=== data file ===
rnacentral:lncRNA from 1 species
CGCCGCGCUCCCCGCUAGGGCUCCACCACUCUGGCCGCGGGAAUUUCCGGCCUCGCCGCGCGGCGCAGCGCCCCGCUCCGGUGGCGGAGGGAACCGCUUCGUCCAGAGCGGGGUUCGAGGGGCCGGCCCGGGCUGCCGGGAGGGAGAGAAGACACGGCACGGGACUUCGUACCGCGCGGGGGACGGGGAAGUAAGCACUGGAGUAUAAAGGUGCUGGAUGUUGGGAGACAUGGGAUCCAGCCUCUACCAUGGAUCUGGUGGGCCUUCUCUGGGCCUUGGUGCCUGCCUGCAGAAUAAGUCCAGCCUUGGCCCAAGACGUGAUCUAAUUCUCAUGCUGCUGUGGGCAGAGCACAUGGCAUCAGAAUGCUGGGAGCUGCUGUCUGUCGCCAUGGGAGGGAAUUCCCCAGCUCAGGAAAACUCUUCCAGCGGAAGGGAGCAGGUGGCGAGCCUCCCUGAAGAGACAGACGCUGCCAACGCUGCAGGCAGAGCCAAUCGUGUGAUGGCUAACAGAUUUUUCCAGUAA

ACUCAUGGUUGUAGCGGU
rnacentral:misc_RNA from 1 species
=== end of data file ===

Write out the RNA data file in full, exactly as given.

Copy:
rnacentral:lncRNA from 1 species
CGCCGCGCUCCCCGCUAGGGCUCCACCACUCUGGCCGCGGGAAUUUCCGGCCUCGCCGCGCGGCGCAGCGCCCCGCUCCGGUGGCGGAGGGAACCGCUUCGUCCAGAGCGGGGUUCGAGGGGCCGGCCCGGGCUGCCGGGAGGGAGAGAAGACACGGCACGGGACUUCGUACCGCGCGGGGGACGGGGAAGUAAGCACUGGAGUAUAAAGGUGCUGGAUGUUGGGAGACAUGGGAUCCAGCCUCUACCAUGGAUCUGGUGGGCCUUCUCUGGGCCUUGGUGCCUGCCUGCAGAAUAAGUCCAGCCUUGGCCCAAGACGUGAUCUAAUUCUCAUGCUGCUGUGGGCAGAGCACAUGGCAUCAGAAUGCUGGGAGCUGCUGUCUGUCGCCAUGGGAGGGAAUUCCCCAGCUCAGGAAAACUCUUCCAGCGGAAGGGAGCAGGUGGCGAGCCUCCCUGAAGAGACAGACGCUGCCAACGCUGCAGGCAGAGCCAAUCGUGUGAUGGCUAACAGAUUUUUCCAGUAA

ACUCAUGGUUGUAGCGGU
rnacentral:misc_RNA from 1 species